Welcome to the web home of THE EAGLE SOCIETY.

THE EAGLE SOCIETY is dedicated to the memory of EAGLE - Britain's National Picture Strip Weekly - the leading Boy's magazine of the 1950s and 1960s. We publish an A4, quarterly journal - the Eagle Times.

This weblog has been created to provide an additional, more immediate, forum for news and commentary about the society and EAGLE-related issues. Want to know more? See First Post and Eagle - How it began.

Thursday, 23 September 2021

EAGLE TIMES Vol. 34 No. 3 Autumn 2021

The new EAGLE Times is out now. Featuring an interview with writer Alan Hebden and an article about his strip The Tower King, the 1980s EAGLE is strongly represented in this issue. Dan Dare is featured in two articles - about the Phant war drum from the Rogue Planet story and Part Three of Ernest Reed's examination of The Phantom Fleet. There are also articles about the Riders of the Range story, Last of the Fighting Cheyenne, the back page biography of  Gordon of Khartoum and the first of a new series about Sporting Heroes who appeared in EAGLE features the famous West Indian cricketer Sir Learie Constantine. Finally, the new two part Archie Willoughby story which begins in this issue is set at the 1957 World Science Fiction Convention held in London and features several well known attendees.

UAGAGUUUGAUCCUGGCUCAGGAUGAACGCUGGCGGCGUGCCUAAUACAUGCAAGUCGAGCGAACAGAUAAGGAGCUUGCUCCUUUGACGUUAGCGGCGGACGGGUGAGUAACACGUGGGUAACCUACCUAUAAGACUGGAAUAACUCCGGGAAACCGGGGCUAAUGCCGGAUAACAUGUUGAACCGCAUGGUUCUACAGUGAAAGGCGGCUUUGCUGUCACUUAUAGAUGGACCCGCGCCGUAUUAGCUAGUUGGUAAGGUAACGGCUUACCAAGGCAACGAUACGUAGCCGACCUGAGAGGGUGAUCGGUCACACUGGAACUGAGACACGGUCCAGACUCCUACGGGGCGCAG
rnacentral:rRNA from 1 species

Monday, 20 September 2021

GRETA TOMLINSON (1927 - 2021) a tribute to the former EAGLE artist by Steve Winders


Greta Edwards (nee Tomlinson) was born in Burnley Lancashire. She studied at Burnley Art School and the Slade School of Fine Art in Oxford and London, graduating in 1949. Seeking work, she applied for a job advertised in the Advertisers Journal which proved to be working for Frank Hampson’s studio on EAGLE which was then still in development. She recalled the studio in a newspaper interview: